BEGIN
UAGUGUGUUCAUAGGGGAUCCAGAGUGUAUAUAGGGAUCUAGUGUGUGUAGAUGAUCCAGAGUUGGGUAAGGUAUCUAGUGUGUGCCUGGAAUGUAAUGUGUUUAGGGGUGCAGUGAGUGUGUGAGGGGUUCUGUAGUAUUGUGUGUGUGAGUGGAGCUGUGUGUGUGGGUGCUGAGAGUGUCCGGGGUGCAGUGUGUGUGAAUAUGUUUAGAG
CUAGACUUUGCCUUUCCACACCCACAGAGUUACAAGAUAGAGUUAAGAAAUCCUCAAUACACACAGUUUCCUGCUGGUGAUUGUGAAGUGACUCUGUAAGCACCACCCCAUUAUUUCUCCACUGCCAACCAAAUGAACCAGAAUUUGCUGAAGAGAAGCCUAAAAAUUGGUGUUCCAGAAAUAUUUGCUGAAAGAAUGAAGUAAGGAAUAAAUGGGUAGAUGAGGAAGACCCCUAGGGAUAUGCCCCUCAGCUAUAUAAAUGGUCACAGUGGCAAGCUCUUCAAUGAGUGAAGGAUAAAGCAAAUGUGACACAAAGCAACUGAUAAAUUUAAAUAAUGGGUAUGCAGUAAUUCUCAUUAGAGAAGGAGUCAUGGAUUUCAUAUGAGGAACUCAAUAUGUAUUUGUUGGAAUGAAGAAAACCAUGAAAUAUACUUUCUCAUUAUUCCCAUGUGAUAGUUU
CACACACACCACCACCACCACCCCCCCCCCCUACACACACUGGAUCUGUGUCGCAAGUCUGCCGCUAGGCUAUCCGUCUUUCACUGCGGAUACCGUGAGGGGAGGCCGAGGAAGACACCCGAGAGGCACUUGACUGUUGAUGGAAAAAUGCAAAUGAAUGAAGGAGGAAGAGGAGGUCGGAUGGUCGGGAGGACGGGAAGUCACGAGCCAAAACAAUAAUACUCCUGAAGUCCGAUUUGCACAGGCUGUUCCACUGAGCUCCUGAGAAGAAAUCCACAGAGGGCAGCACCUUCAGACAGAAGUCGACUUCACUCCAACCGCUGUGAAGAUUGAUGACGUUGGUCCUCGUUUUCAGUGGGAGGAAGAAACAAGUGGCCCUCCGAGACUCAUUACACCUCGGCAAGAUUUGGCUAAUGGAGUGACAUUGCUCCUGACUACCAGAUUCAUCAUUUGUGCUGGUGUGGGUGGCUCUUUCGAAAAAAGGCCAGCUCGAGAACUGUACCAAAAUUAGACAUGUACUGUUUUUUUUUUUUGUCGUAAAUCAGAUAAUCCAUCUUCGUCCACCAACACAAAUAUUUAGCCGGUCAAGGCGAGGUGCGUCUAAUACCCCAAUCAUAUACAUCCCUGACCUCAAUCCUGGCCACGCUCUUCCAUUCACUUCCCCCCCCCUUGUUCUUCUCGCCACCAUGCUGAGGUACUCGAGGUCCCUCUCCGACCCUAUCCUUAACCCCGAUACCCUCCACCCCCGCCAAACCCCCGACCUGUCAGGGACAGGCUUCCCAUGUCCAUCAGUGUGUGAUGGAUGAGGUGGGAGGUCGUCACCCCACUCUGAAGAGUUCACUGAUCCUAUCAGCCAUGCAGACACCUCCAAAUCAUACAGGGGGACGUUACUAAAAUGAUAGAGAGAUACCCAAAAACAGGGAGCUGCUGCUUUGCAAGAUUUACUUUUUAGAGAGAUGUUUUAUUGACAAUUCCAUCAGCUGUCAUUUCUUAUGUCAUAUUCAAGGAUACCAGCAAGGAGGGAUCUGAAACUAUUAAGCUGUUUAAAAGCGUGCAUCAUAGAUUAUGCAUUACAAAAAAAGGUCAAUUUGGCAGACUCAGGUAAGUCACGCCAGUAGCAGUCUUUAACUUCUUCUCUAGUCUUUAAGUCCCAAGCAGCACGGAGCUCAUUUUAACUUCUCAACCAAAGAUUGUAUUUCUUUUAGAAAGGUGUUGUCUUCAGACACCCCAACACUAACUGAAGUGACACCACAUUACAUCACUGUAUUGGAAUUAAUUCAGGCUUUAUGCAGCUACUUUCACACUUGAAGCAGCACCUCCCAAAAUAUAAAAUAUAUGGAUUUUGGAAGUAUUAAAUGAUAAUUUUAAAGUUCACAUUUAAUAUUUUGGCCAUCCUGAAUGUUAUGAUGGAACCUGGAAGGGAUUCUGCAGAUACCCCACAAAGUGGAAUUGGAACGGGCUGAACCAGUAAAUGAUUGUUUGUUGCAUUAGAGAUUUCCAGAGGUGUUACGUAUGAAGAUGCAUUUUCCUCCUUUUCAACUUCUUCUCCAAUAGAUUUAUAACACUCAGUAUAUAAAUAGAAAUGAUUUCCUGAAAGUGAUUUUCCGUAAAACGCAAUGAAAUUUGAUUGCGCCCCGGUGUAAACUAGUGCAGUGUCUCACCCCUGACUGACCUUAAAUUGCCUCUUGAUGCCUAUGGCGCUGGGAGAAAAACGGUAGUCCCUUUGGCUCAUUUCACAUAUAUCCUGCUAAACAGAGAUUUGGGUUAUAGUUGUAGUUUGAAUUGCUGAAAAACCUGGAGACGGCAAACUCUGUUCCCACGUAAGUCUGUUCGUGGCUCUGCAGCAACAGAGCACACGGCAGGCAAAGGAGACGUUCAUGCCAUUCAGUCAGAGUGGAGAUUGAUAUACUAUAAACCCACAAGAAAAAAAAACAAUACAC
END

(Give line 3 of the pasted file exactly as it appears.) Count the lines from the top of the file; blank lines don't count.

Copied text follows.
CACACACACCACCACCACCACCCCCCCCCCCUACACACACUGGAUCUGUGUCGCAAGUCUGCCGCUAGGCUAUCCGUCUUUCACUGCGGAUACCGUGAGGGGAGGCCGAGGAAGACACCCGAGAGGCACUUGACUGUUGAUGGAAAAAUGCAAAUGAAUGAAGGAGGAAGAGGAGGUCGGAUGGUCGGGAGGACGGGAAGUCACGAGCCAAAACAAUAAUACUCCUGAAGUCCGAUUUGCACAGGCUGUUCCACUGAGCUCCUGAGAAGAAAUCCACAGAGGGCAGCACCUUCAGACAGAAGUCGACUUCACUCCAACCGCUGUGAAGAUUGAUGACGUUGGUCCUCGUUUUCAGUGGGAGGAAGAAACAAGUGGCCCUCCGAGACUCAUUACACCUCGGCAAGAUUUGGCUAAUGGAGUGACAUUGCUCCUGACUACCAGAUUCAUCAUUUGUGCUGGUGUGGGUGGCUCUUUCGAAAAAAGGCCAGCUCGAGAACUGUACCAAAAUUAGACAUGUACUGUUUUUUUUUUUUGUCGUAAAUCAGAUAAUCCAUCUUCGUCCACCAACACAAAUAUUUAGCCGGUCAAGGCGAGGUGCGUCUAAUACCCCAAUCAUAUACAUCCCUGACCUCAAUCCUGGCCACGCUCUUCCAUUCACUUCCCCCCCCCUUGUUCUUCUCGCCACCAUGCUGAGGUACUCGAGGUCCCUCUCCGACCCUAUCCUUAACCCCGAUACCCUCCACCCCCGCCAAACCCCCGACCUGUCAGGGACAGGCUUCCCAUGUCCAUCAGUGUGUGAUGGAUGAGGUGGGAGGUCGUCACCCCACUCUGAAGAGUUCACUGAUCCUAUCAGCCAUGCAGACACCUCCAAAUCAUACAGGGGGACGUUACUAAAAUGAUAGAGAGAUACCCAAAAACAGGGAGCUGCUGCUUUGCAAGAUUUACUUUUUAGAGAGAUGUUUUAUUGACAAUUCCAUCAGCUGUCAUUUCUUAUGUCAUAUUCAAGGAUACCAGCAAGGAGGGAUCUGAAACUAUUAAGCUGUUUAAAAGCGUGCAUCAUAGAUUAUGCAUUACAAAAAAAGGUCAAUUUGGCAGACUCAGGUAAGUCACGCCAGUAGCAGUCUUUAACUUCUUCUCUAGUCUUUAAGUCCCAAGCAGCACGGAGCUCAUUUUAACUUCUCAACCAAAGAUUGUAUUUCUUUUAGAAAGGUGUUGUCUUCAGACACCCCAACACUAACUGAAGUGACACCACAUUACAUCACUGUAUUGGAAUUAAUUCAGGCUUUAUGCAGCUACUUUCACACUUGAAGCAGCACCUCCCAAAAUAUAAAAUAUAUGGAUUUUGGAAGUAUUAAAUGAUAAUUUUAAAGUUCACAUUUAAUAUUUUGGCCAUCCUGAAUGUUAUGAUGGAACCUGGAAGGGAUUCUGCAGAUACCCCACAAAGUGGAAUUGGAACGGGCUGAACCAGUAAAUGAUUGUUUGUUGCAUUAGAGAUUUCCAGAGGUGUUACGUAUGAAGAUGCAUUUUCCUCCUUUUCAACUUCUUCUCCAAUAGAUUUAUAACACUCAGUAUAUAAAUAGAAAUGAUUUCCUGAAAGUGAUUUUCCGUAAAACGCAAUGAAAUUUGAUUGCGCCCCGGUGUAAACUAGUGCAGUGUCUCACCCCUGACUGACCUUAAAUUGCCUCUUGAUGCCUAUGGCGCUGGGAGAAAAACGGUAGUCCCUUUGGCUCAUUUCACAUAUAUCCUGCUAAACAGAGAUUUGGGUUAUAGUUGUAGUUUGAAUUGCUGAAAAACCUGGAGACGGCAAACUCUGUUCCCACGUAAGUCUGUUCGUGGCUCUGCAGCAACAGAGCACACGGCAGGCAAAGGAGACGUUCAUGCCAUUCAGUCAGAGUGGAGAUUGAUAUACUAUAAACCCACAAGAAAAAAAAACAAUACAC